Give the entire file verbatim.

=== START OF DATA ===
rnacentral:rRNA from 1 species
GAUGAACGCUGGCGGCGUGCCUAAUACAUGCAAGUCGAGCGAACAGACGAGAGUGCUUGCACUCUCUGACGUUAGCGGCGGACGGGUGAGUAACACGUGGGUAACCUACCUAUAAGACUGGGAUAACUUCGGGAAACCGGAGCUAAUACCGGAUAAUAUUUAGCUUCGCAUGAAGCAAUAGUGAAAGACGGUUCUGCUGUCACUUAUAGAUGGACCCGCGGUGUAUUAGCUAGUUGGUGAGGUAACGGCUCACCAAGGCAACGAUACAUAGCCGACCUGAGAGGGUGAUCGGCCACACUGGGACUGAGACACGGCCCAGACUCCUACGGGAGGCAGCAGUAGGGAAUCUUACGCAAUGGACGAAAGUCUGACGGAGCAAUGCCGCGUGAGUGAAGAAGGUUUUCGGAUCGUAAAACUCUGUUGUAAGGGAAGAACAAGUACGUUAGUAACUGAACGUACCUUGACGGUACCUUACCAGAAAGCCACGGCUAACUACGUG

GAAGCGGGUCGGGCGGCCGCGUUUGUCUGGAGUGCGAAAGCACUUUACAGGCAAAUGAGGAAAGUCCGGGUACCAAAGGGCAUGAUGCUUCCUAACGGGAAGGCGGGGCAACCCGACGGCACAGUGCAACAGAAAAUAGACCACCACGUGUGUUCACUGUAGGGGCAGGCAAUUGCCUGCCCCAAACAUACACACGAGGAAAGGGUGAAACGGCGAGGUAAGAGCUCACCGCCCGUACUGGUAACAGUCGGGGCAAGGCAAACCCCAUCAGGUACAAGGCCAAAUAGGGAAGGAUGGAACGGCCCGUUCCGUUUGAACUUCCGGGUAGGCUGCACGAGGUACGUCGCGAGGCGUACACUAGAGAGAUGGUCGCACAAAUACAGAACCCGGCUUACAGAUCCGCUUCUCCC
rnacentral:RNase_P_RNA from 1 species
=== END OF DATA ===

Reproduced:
rnacentral:rRNA from 1 species
GAUGAACGCUGGCGGCGUGCCUAAUACAUGCAAGUCGAGCGAACAGACGAGAGUGCUUGCACUCUCUGACGUUAGCGGCGGACGGGUGAGUAACACGUGGGUAACCUACCUAUAAGACUGGGAUAACUUCGGGAAACCGGAGCUAAUACCGGAUAAUAUUUAGCUUCGCAUGAAGCAAUAGUGAAAGACGGUUCUGCUGUCACUUAUAGAUGGACCCGCGGUGUAUUAGCUAGUUGGUGAGGUAACGGCUCACCAAGGCAACGAUACAUAGCCGACCUGAGAGGGUGAUCGGCCACACUGGGACUGAGACACGGCCCAGACUCCUACGGGAGGCAGCAGUAGGGAAUCUUACGCAAUGGACGAAAGUCUGACGGAGCAAUGCCGCGUGAGUGAAGAAGGUUUUCGGAUCGUAAAACUCUGUUGUAAGGGAAGAACAAGUACGUUAGUAACUGAACGUACCUUGACGGUACCUUACCAGAAAGCCACGGCUAACUACGUG

GAAGCGGGUCGGGCGGCCGCGUUUGUCUGGAGUGCGAAAGCACUUUACAGGCAAAUGAGGAAAGUCCGGGUACCAAAGGGCAUGAUGCUUCCUAACGGGAAGGCGGGGCAACCCGACGGCACAGUGCAACAGAAAAUAGACCACCACGUGUGUUCACUGUAGGGGCAGGCAAUUGCCUGCCCCAAACAUACACACGAGGAAAGGGUGAAACGGCGAGGUAAGAGCUCACCGCCCGUACUGGUAACAGUCGGGGCAAGGCAAACCCCAUCAGGUACAAGGCCAAAUAGGGAAGGAUGGAACGGCCCGUUCCGUUUGAACUUCCGGGUAGGCUGCACGAGGUACGUCGCGAGGCGUACACUAGAGAGAUGGUCGCACAAAUACAGAACCCGGCUUACAGAUCCGCUUCUCCC
rnacentral:RNase_P_RNA from 1 species